Coadministration of Polyinosinic: Polycytidylic Acid and Immunostimulatory Complexes Modifies Antigen Processing in Dendritic Cell Subsets and Enhances HIV Gag-Specific T Cell Immunity
Vaccine Research Center, National Institute of Allergy and Infectious Diseases, National Institutes of Health, Bethesda, MD 20892.The Journal of Immunology (Impact Factor: 4.92). 10/2013; 191(10). DOI: 10.4049/jimmunol.1301730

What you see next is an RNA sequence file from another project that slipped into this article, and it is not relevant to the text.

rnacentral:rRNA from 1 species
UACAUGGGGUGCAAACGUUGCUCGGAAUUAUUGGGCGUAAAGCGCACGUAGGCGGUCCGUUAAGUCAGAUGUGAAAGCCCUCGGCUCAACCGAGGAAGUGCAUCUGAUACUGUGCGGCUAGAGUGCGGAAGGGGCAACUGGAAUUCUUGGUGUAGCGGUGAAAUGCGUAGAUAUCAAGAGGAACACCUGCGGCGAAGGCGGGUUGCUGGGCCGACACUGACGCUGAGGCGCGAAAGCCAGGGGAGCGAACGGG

Currently approved adjuvants induce protective Ab responses but are more limited for generating cellular immunity. In this study, we assessed the effect of combining two adjuvants with distinct mechanisms of action on their ability to prime T cells: the TLR3 ligand, polyinosinic:polycytidylic acid (poly I:C), and immunostimulatory complexes (ISCOMs). Each adjuvant was administered alone or together with HIV Gag protein (Gag), and the magnitude, quality, and phenotype of Gag-specific T cell responses were assessed. For CD8 T cells, all adjuvants induced a comparable response magnitude, but combining poly I:C with ISCOMs induced a high frequency of CD127(+), IL-2-producing cells with decreased expression of Tbet compared with either adjuvant alone. For CD4 T cells, combining poly I:C and ISCOMs increased the frequency of multifunctional cells, producing IFN-γ, IL-2, and TNF, and the total magnitude of the response compared with either adjuvant alone. CD8 or CD4 T cell responses induced by both adjuvants mediated protection against Gag-expressing Listeria monocytogenes or vaccinia viral infections. Poly I:C and ISCOMs can alter Ag uptake and/or processing, and we therefore used fluorescently labeled HIV Gag and DQ-OVA to assess these mechanisms, respectively, in multiple dendritic cell subsets. Poly I:C promoted uptake and retention of Ag, whereas ISCOMs enhanced Ag degradation. Combining poly I:C and ISCOMs caused substantial death of dendritic cells but persistence of degraded Ag. These data illustrate how combining adjuvants, such as poly I:C and ISCOMs, that modulate Ag processing and have potent innate activity, can enhance the magnitude, quality, and phenotype of T cell immunity.